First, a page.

Veteran game journalist Geoff Keighley joins Kotaku Splitscreen this week to talk about what it’s like to produce The Game Awards, how he decides which trailer to debut, and the hilarious request he got from the people who make Doritos.
First we talk about the Marvel Cinematic Universe (12:52), Skyrim’s composer’s disappearing Kickstarter, and the Destiny 2 debacle. Then Keighley comes on the show (41:47) to talk about The Game Awards, which take place on 7 December. Finally, I share some gripes about the upcoming RPG Xenoblade 2 (1:18:14).
Get the MP3 right here. Or read an excerpt here (though you’ll have to listen to the show for the fantastic Doritos story):
Jason: One of the interesting things about The Game Awards is that it’s not just an awards show, it’s also a reveal show. You love your exclusive premieres... How much of your time is spent juggling those, and convincing publishers to give you their reveals, as opposed to the awards themselves?
Geoff: Yeah, the show is an interesting hybrid as you said. We’re half an awards show, half a sneak preview of new games and announcements. Some purists will say, hey, it should just be awards, we don’t want these other games in there.
Jason: If you want a tenth of the viewers.
Geoff: Exactly, that’s the thing. Other people have run that experiment. And I say because we have the news in there, it creates a much bigger audience, all boats rise, and then millions of people are seeing these developers on stage winning these awards. I’ll go where the audience goes, and the numbers tell us that people are tuning in for the excitement... The reveals and announcements, it’s different every year.
When we first started Game Awards, it was challenging to explain to people what we were doing. But then we had like, Mr Aonuma and Mr Miyamoto gave us the first gameplay of Breath of the Wild at the first Game Awards in 2014, which was insane. And we didn’t even know about that until a week or two before the show, when they sent us this video. That year they had shown that very brief teaser at E3, which was like 30 seconds long, and we heard that maybe they’d show something at Game Awards but it’d probably be just that scene, and we’d show it real time. And I was like, hmm, OK, again, it was my first year, so I’m like anything from Nintendo would be amazing.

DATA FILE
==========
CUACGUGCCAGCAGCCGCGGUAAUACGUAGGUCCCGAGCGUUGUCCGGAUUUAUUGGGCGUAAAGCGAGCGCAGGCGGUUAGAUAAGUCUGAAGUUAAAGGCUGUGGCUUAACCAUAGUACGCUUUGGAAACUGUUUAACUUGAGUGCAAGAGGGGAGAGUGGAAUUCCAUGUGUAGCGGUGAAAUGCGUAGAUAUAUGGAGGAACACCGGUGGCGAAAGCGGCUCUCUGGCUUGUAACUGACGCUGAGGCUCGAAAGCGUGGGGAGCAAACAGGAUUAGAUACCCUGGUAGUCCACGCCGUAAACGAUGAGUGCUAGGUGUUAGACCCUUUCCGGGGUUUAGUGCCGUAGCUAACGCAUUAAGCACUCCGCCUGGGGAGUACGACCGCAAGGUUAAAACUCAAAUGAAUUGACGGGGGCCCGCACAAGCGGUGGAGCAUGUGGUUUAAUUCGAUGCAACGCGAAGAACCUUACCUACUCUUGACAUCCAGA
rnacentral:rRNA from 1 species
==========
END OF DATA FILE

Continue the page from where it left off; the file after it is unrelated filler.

Then we got that video right around Thanksgiving, and I’m like wait a second, they’re playing the game, it’s the two of them doing a Let’s Play and we’re seeing tons of gameplay... So that was a great example of something that came together at the very last minute. We obviously ask for tonnes of games and talk to all the publishers. It’s interesting because everyone on social, Twitter, is like hey you’d better have this game or that game. If the game doesn’t exist, I can’t make the game. I can only ask for the game...
I basically go out and explain the show to everyone, I have a list, I pretty much canvas every major developer and say hey what’re you working on, would it make sense to do something at Game Awards? Sometimes they say yes, sometimes they say no, and oftentimes they say let’s think about it. Like one of our big reveal trailers next week for a game is something that maybe only came together in the past 4 or 5 weeks. It’s an amazing game that I didn’t even know was in development. It just sort of popped on my radar, and I said show me something from it, and I’m like, wow, this looks really incredible, it’s going to take your studio to the next level, and gamers are going to love it.
There’s a lot of that and there are also some games we get pitched and just aren’t the right fit for what we’re doing. It’s nothing against the developer or the game, it’s just we want to have the right mix of games in the show, a diverse group of titles. So yeah, it’s just a creative process we go through with a lot of the teams.